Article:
Forgotten black World War 2 hero sank German ship with bomb made from milk can

Forgotten black World War 2 hero sank German ship with bomb made from milk can


A campaign has been launched to honour a forgotten black Second World War hero who was denied a Victoria Cross by South Africa.

Job Maseko served with the Allies against Rommel’s troops in North Africa and later sank a German ship with a bomb he made from a can of milk.

The former miner was in the Native Military Corps in the 2nd South African Division earned less than white troops who racially abused him.

Job was captured and tortured by German and Italian troops after Tobruk fell to the Germans in June 1942.

The PoW was later detailed to offload ships laden with military hardware.

Bill Gillespie, of Milverton, Somerset, who is one of the campaigners, said Job created the bomb using a condensed milk tin, cordite and a long fuse.

It is believed the ship sank quickly after the device was placed deep in the hold.

Bill said: “He lit the fuse and ran to join his friends on the dock. A few hours later there was an almighty explosion.

“It is anyone’s guess but this small act by a very brave man could have assisted in the decisive Allied victory by Montgomery’s troops three months later.”

As a member of the Native Military Corps, Job would have been armed with a traditional spear while guarding military bases or PoWs.

By 1941, due to manpower shortages black soldiers’ roles were increased to transport drivers, medic and office roles.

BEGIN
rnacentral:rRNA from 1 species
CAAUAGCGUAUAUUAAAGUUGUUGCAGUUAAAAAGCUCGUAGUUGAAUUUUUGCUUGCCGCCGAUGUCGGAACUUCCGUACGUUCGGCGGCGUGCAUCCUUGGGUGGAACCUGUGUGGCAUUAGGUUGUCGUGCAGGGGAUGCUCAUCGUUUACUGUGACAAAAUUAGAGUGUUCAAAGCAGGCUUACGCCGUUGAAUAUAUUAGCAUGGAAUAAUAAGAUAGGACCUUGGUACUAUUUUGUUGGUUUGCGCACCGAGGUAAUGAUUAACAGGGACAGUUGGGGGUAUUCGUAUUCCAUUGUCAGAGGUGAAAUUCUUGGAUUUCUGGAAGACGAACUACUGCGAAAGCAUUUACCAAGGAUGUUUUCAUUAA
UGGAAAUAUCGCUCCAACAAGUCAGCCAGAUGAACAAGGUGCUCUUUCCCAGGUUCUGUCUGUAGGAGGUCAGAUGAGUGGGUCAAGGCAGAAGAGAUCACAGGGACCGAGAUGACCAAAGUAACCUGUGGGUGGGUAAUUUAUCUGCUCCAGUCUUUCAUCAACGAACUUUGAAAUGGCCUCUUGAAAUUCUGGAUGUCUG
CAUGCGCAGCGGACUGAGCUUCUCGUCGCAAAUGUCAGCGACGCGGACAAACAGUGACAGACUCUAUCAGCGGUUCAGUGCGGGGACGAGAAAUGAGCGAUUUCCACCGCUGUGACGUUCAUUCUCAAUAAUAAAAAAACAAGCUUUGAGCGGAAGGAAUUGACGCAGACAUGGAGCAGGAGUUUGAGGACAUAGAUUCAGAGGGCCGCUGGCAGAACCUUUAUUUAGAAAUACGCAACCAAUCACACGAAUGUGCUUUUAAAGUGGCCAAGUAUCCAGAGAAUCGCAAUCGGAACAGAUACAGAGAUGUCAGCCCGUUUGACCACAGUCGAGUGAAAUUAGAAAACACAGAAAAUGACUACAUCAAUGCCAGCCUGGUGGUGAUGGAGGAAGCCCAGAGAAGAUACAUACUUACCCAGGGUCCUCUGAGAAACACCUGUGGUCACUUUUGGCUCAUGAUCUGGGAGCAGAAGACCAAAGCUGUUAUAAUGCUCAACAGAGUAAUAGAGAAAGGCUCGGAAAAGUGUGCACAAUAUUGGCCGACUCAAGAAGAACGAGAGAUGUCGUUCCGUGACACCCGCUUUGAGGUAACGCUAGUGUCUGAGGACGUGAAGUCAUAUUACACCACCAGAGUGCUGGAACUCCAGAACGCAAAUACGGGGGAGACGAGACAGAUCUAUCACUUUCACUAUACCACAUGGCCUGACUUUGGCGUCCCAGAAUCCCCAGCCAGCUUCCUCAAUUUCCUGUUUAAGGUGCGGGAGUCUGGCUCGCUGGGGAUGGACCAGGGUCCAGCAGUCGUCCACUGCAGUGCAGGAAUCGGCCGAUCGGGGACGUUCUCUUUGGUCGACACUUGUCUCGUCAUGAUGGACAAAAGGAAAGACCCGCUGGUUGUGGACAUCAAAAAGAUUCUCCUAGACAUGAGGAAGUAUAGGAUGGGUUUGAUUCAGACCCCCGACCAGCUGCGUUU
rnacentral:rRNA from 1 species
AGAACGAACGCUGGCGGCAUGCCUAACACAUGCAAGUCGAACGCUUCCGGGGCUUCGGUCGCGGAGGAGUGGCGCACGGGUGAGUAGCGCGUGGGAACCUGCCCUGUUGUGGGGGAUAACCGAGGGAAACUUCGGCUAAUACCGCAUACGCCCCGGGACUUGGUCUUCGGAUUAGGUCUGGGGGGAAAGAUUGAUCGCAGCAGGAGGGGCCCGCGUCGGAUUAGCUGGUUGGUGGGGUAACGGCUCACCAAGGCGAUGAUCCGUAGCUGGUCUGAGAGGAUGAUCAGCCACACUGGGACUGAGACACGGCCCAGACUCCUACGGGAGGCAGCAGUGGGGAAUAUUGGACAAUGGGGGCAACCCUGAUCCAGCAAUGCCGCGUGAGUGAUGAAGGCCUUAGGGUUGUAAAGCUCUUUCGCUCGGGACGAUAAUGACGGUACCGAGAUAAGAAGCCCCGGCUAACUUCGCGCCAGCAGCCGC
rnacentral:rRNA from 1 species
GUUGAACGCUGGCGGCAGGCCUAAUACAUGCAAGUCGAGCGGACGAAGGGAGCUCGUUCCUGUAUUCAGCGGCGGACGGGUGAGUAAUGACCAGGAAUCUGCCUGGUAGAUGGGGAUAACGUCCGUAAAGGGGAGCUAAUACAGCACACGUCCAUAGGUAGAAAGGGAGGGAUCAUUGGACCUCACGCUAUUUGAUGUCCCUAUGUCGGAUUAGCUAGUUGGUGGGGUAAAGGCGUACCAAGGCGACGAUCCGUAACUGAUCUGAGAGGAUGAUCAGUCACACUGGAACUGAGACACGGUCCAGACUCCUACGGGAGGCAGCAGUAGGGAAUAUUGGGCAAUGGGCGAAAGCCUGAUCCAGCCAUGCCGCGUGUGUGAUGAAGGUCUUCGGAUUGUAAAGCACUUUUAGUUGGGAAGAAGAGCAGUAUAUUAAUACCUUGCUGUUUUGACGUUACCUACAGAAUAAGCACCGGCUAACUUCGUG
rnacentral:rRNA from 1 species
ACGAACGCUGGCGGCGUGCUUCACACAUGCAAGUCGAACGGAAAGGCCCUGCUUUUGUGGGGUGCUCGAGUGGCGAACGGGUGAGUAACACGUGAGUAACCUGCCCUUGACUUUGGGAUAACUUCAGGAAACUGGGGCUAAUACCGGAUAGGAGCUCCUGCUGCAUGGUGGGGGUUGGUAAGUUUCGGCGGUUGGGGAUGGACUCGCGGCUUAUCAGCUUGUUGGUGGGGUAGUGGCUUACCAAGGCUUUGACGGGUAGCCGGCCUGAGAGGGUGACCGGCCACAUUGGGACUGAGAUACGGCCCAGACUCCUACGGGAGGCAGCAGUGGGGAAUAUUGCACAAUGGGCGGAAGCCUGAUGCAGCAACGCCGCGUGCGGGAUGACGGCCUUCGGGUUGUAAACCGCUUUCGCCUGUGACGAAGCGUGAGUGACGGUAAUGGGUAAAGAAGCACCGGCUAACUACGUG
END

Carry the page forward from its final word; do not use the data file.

Job and other black colleagues were eventually given rifles and ordered to fight on the frontline despite a lack of ammunition and training.

Job later escaped from the Italian PoW camp in Tobruk and walked for three weeks though the desert and enemy lines to El Alamein.

In 1942 he became a stretcher bearer with the 1st South African Infantry Division in the Second Battle of El Alamein and attained the rank of lance corporal during his service.

British generals had nominated Job for a VC but his South African commanders found the idea alarming.

Instead he was awarded the Military Medal, the lowest honour at the time, for “ingenuity, determination and complete disregard of personal safety”.

Job was given a reduced pension because of his colour and died a pauper after being struck by a train in 1952.

Bill said he is starting a petition for him to be posthumously awarded the VC.

He added: “I hate injustice of any sort. I think this incident requires addressing.”

In his honour, the township of KwaThema near Springs has a primary school named after Job.

In 1997 the South African Navy renamed the missile attack craft SAS Kobie Coetzee as SAS Job Masego.

A documentary about the soldier and his army division called A Pair of Boots and a Bicycle was aired 10 years later.


Powered by Google TranslateTranslate

Buradan Haber Kaynağına Ulaşabilirsiniz



[slide-anything id=’39937′]

Yorum bırakın